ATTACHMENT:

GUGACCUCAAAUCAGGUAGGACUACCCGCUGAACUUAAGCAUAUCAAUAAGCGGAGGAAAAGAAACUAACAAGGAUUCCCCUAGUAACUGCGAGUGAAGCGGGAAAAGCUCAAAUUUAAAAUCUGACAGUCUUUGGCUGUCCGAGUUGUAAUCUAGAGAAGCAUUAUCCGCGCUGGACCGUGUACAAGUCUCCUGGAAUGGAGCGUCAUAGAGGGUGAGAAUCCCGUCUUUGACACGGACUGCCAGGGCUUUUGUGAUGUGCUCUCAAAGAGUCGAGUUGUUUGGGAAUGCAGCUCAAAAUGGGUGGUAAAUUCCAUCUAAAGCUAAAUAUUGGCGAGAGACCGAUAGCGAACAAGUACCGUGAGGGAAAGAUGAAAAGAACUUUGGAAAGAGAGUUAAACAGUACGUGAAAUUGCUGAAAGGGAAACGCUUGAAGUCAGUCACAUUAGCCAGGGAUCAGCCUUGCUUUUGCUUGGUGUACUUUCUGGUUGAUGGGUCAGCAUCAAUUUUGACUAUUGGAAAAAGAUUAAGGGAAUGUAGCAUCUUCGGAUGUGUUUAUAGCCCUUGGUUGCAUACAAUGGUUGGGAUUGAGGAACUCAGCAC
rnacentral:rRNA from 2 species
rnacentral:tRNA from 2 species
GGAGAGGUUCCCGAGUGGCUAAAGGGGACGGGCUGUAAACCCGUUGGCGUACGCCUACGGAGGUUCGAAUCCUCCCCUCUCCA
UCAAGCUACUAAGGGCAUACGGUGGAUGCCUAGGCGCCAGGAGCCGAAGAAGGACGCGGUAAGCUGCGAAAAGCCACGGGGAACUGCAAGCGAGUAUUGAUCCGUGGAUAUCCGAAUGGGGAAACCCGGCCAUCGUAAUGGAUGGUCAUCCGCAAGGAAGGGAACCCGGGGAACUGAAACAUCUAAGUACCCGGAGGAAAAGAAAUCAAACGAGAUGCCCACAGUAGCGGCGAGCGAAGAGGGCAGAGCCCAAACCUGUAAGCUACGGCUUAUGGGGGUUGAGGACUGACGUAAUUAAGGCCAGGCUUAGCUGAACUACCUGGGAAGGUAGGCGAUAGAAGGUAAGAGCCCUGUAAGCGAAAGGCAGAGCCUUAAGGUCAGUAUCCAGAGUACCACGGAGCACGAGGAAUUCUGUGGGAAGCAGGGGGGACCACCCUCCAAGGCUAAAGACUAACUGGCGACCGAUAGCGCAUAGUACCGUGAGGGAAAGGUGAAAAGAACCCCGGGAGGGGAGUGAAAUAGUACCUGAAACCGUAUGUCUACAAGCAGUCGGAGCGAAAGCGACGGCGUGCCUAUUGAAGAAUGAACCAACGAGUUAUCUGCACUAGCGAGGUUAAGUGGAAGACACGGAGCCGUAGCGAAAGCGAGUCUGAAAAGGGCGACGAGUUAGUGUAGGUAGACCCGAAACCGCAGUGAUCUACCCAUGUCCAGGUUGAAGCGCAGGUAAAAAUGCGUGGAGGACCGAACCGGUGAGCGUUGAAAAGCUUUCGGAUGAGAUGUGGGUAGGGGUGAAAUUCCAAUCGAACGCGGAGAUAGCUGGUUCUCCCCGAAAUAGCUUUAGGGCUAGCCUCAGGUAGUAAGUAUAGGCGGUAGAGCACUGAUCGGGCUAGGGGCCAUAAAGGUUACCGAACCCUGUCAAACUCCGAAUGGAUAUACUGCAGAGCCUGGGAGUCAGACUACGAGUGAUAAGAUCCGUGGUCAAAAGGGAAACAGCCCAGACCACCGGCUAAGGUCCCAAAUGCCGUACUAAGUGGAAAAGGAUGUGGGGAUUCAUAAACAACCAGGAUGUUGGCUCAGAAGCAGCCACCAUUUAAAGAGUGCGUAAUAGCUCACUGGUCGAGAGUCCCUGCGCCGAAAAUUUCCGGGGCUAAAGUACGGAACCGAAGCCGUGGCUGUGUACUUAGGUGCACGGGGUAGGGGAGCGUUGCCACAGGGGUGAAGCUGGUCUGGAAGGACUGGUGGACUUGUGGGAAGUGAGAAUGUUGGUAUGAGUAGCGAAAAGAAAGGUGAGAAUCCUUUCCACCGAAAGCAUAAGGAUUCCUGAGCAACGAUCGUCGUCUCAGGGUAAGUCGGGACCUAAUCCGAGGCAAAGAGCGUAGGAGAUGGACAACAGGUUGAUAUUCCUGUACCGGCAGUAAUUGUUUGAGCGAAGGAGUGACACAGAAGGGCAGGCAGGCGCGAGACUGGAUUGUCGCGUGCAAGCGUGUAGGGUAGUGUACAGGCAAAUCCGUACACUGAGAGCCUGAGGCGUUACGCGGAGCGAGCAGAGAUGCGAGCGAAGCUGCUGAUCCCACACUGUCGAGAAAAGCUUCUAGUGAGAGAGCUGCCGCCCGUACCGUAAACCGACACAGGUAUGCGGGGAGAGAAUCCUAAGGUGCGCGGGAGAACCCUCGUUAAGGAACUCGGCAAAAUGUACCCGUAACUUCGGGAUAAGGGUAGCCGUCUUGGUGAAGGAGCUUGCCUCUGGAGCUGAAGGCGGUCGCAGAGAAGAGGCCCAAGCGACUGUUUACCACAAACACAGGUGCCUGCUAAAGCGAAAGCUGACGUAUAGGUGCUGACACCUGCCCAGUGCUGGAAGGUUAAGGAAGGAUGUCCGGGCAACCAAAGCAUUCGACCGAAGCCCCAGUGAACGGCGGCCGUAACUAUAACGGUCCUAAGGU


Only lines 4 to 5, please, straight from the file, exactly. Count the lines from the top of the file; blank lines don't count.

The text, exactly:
GGAGAGGUUCCCGAGUGGCUAAAGGGGACGGGCUGUAAACCCGUUGGCGUACGCCUACGGAGGUUCGAAUCCUCCCCUCUCCA
UCAAGCUACUAAGGGCAUACGGUGGAUGCCUAGGCGCCAGGAGCCGAAGAAGGACGCGGUAAGCUGCGAAAAGCCACGGGGAACUGCAAGCGAGUAUUGAUCCGUGGAUAUCCGAAUGGGGAAACCCGGCCAUCGUAAUGGAUGGUCAUCCGCAAGGAAGGGAACCCGGGGAACUGAAACAUCUAAGUACCCGGAGGAAAAGAAAUCAAACGAGAUGCCCACAGUAGCGGCGAGCGAAGAGGGCAGAGCCCAAACCUGUAAGCUACGGCUUAUGGGGGUUGAGGACUGACGUAAUUAAGGCCAGGCUUAGCUGAACUACCUGGGAAGGUAGGCGAUAGAAGGUAAGAGCCCUGUAAGCGAAAGGCAGAGCCUUAAGGUCAGUAUCCAGAGUACCACGGAGCACGAGGAAUUCUGUGGGAAGCAGGGGGGACCACCCUCCAAGGCUAAAGACUAACUGGCGACCGAUAGCGCAUAGUACCGUGAGGGAAAGGUGAAAAGAACCCCGGGAGGGGAGUGAAAUAGUACCUGAAACCGUAUGUCUACAAGCAGUCGGAGCGAAAGCGACGGCGUGCCUAUUGAAGAAUGAACCAACGAGUUAUCUGCACUAGCGAGGUUAAGUGGAAGACACGGAGCCGUAGCGAAAGCGAGUCUGAAAAGGGCGACGAGUUAGUGUAGGUAGACCCGAAACCGCAGUGAUCUACCCAUGUCCAGGUUGAAGCGCAGGUAAAAAUGCGUGGAGGACCGAACCGGUGAGCGUUGAAAAGCUUUCGGAUGAGAUGUGGGUAGGGGUGAAAUUCCAAUCGAACGCGGAGAUAGCUGGUUCUCCCCGAAAUAGCUUUAGGGCUAGCCUCAGGUAGUAAGUAUAGGCGGUAGAGCACUGAUCGGGCUAGGGGCCAUAAAGGUUACCGAACCCUGUCAAACUCCGAAUGGAUAUACUGCAGAGCCUGGGAGUCAGACUACGAGUGAUAAGAUCCGUGGUCAAAAGGGAAACAGCCCAGACCACCGGCUAAGGUCCCAAAUGCCGUACUAAGUGGAAAAGGAUGUGGGGAUUCAUAAACAACCAGGAUGUUGGCUCAGAAGCAGCCACCAUUUAAAGAGUGCGUAAUAGCUCACUGGUCGAGAGUCCCUGCGCCGAAAAUUUCCGGGGCUAAAGUACGGAACCGAAGCCGUGGCUGUGUACUUAGGUGCACGGGGUAGGGGAGCGUUGCCACAGGGGUGAAGCUGGUCUGGAAGGACUGGUGGACUUGUGGGAAGUGAGAAUGUUGGUAUGAGUAGCGAAAAGAAAGGUGAGAAUCCUUUCCACCGAAAGCAUAAGGAUUCCUGAGCAACGAUCGUCGUCUCAGGGUAAGUCGGGACCUAAUCCGAGGCAAAGAGCGUAGGAGAUGGACAACAGGUUGAUAUUCCUGUACCGGCAGUAAUUGUUUGAGCGAAGGAGUGACACAGAAGGGCAGGCAGGCGCGAGACUGGAUUGUCGCGUGCAAGCGUGUAGGGUAGUGUACAGGCAAAUCCGUACACUGAGAGCCUGAGGCGUUACGCGGAGCGAGCAGAGAUGCGAGCGAAGCUGCUGAUCCCACACUGUCGAGAAAAGCUUCUAGUGAGAGAGCUGCCGCCCGUACCGUAAACCGACACAGGUAUGCGGGGAGAGAAUCCUAAGGUGCGCGGGAGAACCCUCGUUAAGGAACUCGGCAAAAUGUACCCGUAACUUCGGGAUAAGGGUAGCCGUCUUGGUGAAGGAGCUUGCCUCUGGAGCUGAAGGCGGUCGCAGAGAAGAGGCCCAAGCGACUGUUUACCACAAACACAGGUGCCUGCUAAAGCGAAAGCUGACGUAUAGGUGCUGACACCUGCCCAGUGCUGGAAGGUUAAGGAAGGAUGUCCGGGCAACCAAAGCAUUCGACCGAAGCCCCAGUGAACGGCGGCCGUAACUAUAACGGUCCUAAGGU